“How much might prices rise in 2021? If history has taught us anything, including the history of 2020, it is that no-one can reliably predict how much average house prices will change by – even two or three months out.”
Nick Goodall, head of research at property information firm CoreLogic, doesn’t think there will be any significant impact on the real estate market as a result of any new government policies in 2021.
“The government has hinted at tweaking policy, such as the RMA, which would be beneficial – but it will have little impact on the market during the year.
“Big tax changes have been ruled out by government, and industry is building homes as fast as it can. Interest rates will stay low, and overall the appeal of property ownership will remain. Property buying trends won’t change in 2021 given what we know at this stage.”
On the affordability front, Nick says that if the rate of house price inflation continues then affordability will continue to diminish as fewer people will be able to buy.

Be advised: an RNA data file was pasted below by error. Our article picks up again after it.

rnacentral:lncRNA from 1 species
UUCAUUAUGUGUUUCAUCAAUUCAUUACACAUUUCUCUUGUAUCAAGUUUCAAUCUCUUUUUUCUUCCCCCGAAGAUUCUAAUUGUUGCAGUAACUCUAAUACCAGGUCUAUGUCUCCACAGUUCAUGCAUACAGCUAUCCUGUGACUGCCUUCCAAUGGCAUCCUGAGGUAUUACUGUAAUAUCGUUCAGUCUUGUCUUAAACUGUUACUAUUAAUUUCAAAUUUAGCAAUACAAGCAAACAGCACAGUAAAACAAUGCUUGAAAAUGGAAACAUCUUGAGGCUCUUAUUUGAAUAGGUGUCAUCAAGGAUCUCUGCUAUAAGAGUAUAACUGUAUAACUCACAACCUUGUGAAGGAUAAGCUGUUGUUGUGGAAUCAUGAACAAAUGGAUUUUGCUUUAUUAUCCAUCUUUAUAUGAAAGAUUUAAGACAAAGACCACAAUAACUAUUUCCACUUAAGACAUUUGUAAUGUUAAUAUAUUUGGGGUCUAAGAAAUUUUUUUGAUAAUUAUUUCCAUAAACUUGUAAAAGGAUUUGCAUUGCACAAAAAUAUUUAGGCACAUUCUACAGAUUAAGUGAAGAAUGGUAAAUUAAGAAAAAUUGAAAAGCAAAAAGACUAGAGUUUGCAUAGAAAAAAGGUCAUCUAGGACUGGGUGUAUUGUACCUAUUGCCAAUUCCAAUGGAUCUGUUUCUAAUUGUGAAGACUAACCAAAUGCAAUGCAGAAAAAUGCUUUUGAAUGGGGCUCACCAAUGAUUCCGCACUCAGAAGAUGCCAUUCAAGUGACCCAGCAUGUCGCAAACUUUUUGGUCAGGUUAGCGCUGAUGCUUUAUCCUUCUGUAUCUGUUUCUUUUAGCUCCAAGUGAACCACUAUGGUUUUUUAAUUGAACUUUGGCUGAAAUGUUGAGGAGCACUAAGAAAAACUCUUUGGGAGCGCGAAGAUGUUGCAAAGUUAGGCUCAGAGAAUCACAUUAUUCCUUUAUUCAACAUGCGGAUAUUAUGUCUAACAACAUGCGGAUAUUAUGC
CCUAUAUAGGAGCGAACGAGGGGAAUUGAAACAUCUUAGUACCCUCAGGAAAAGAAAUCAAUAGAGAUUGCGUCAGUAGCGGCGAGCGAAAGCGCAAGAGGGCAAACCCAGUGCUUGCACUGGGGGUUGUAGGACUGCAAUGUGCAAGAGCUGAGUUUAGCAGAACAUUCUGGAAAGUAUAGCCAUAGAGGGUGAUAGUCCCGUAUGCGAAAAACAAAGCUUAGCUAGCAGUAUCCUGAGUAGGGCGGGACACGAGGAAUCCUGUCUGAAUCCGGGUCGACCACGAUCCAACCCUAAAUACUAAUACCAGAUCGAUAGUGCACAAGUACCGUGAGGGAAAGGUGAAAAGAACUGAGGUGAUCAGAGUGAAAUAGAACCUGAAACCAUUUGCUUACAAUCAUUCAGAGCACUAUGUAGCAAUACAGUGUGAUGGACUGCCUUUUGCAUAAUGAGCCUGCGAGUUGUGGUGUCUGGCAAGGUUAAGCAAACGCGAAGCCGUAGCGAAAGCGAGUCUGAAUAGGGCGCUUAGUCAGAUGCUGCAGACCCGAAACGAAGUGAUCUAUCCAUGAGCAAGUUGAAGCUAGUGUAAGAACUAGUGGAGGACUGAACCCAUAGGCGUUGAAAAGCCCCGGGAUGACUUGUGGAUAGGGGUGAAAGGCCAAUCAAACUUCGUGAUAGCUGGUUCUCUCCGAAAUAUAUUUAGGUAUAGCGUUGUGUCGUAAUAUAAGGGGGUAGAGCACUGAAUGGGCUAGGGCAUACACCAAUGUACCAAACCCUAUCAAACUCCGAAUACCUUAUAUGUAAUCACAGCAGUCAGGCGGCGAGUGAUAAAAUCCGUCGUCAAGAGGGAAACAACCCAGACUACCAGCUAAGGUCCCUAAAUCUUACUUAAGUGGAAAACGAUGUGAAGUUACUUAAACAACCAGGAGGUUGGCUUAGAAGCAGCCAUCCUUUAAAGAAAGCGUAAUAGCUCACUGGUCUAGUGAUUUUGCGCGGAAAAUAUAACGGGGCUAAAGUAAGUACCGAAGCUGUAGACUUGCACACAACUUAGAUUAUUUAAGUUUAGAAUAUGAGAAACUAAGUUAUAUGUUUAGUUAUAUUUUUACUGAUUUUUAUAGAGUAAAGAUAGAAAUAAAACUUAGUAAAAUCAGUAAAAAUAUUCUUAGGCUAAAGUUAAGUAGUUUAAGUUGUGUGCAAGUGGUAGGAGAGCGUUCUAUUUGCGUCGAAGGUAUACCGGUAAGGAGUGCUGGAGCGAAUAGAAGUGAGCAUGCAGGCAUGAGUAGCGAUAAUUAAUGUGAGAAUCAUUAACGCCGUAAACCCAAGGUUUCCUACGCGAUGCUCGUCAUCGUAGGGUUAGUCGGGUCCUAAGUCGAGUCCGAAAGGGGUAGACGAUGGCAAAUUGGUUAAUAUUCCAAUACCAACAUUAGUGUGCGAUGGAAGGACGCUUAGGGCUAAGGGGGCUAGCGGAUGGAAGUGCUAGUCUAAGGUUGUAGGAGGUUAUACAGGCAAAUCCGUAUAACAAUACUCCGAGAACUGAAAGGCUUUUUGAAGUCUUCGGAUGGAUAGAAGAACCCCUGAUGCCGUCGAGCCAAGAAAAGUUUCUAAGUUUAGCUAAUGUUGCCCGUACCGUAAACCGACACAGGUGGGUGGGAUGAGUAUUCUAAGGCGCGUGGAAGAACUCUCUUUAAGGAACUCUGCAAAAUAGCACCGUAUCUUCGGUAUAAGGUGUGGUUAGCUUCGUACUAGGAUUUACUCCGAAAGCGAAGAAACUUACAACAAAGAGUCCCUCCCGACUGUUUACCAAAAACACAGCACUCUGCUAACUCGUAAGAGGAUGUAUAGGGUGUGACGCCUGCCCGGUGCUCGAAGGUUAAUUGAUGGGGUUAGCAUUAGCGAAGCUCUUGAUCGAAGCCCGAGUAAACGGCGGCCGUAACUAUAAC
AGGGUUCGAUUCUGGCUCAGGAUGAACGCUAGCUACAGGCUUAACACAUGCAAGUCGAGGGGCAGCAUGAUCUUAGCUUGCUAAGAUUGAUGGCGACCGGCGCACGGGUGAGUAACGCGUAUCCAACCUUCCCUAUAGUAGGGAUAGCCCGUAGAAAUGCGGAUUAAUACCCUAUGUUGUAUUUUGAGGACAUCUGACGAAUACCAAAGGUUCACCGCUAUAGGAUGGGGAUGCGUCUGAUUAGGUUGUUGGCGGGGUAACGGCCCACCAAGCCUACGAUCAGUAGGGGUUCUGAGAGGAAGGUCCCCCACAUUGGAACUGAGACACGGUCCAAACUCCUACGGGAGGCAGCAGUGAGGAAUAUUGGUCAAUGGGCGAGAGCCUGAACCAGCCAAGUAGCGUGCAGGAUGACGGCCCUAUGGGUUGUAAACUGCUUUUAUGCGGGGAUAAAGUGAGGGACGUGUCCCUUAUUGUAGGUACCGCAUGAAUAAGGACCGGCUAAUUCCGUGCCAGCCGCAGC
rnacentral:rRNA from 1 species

“So in 2021 you might see a slowing of house price growth,” he says. “The re-introduction of LVRs might impact investors, but we don’t expect that to have a significant reduction in demand.
“But, if there was more change than that, such as concerns about financial stability, then the RBNZ might raise the LVR deposit to 40 per cent for investors and that might lead to a slowing in demand.
“But we do not see a fundamental shift on the horizon leading to property values dropping away. That’s for sure.”
Stephen agrees that housing affordability is a challenge, “and I’m sure we all worry about whether our children will be able to afford to buy a property”.
“For better or for worse, New Zealand, and Auckland in particular, is a very attractive destination, and all cities in that same exclusive club are having to do much soul searching about affordability,” he says.
“I hope that we will be able to come up with solutions to create more housing supply without detracting from the attractiveness or character of our cities.
“In this respect, the increasing acceptance of urbanism is an exciting development, and there is much we can learn from cities overseas about how we can create a vibrant city and an attractive living environment without the problems of traffic congestion, pollution, and the loss of productive farmland.”
New Zealand is one of the most expensive country’s in the world when it comes to real estate, with median Auckland house prices being 10 times annual median income (outside Auckland it’s seven times). Where would Stephen suggest people buy their first home?
“When my wife and I arrived back in New Zealand in 2002, house prices had been through a strong period of growth, and my inclination was to rent while prices settled down,” he says.